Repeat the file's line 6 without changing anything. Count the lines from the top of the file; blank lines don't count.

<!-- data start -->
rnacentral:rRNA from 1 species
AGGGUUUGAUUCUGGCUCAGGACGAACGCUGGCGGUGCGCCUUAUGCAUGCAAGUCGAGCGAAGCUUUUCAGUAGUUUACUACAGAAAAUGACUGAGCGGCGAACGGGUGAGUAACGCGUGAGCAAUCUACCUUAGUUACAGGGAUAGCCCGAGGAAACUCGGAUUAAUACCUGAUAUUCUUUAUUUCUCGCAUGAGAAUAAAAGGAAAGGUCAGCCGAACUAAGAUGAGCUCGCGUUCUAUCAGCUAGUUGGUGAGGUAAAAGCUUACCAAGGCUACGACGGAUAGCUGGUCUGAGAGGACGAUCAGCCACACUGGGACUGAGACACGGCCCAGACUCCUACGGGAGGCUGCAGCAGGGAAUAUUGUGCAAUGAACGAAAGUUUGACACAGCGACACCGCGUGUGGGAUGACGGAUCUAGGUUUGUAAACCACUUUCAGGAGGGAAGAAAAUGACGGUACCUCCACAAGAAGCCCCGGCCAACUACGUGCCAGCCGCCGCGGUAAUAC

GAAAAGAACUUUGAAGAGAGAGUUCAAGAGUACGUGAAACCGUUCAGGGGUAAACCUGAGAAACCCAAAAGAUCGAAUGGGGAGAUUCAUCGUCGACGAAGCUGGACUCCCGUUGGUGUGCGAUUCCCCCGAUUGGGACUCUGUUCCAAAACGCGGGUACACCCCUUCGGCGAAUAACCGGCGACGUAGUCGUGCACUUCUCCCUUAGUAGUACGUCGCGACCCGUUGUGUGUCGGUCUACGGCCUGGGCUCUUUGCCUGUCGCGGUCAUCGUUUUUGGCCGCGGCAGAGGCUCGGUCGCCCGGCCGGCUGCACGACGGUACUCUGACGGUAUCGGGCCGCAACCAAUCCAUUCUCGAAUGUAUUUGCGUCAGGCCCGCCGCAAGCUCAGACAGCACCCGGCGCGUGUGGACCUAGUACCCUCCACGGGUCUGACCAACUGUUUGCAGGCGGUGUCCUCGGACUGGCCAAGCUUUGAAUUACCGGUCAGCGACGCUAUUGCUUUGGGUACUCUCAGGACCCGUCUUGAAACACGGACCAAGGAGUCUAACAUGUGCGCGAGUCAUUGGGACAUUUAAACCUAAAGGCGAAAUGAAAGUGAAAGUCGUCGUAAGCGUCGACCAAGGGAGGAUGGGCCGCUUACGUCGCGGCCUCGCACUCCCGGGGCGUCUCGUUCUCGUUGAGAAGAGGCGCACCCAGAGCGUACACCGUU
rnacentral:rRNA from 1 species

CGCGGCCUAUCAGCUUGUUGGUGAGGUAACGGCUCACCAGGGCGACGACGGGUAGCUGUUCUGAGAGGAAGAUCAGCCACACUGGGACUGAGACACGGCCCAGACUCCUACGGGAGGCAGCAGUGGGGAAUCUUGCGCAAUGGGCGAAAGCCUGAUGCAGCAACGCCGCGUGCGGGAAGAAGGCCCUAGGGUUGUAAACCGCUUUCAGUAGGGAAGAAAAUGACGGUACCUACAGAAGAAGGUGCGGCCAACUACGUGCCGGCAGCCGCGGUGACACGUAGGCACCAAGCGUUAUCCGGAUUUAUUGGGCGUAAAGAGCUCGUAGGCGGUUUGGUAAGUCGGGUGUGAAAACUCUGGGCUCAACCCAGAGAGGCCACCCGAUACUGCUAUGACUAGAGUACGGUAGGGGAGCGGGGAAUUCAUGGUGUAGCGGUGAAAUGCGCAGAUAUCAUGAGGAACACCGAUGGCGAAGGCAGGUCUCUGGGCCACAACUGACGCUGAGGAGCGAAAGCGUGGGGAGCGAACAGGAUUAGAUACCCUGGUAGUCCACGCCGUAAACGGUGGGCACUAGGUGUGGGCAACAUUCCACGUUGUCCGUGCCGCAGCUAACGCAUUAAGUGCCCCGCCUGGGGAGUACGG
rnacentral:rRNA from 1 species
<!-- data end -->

rnacentral:rRNA from 1 species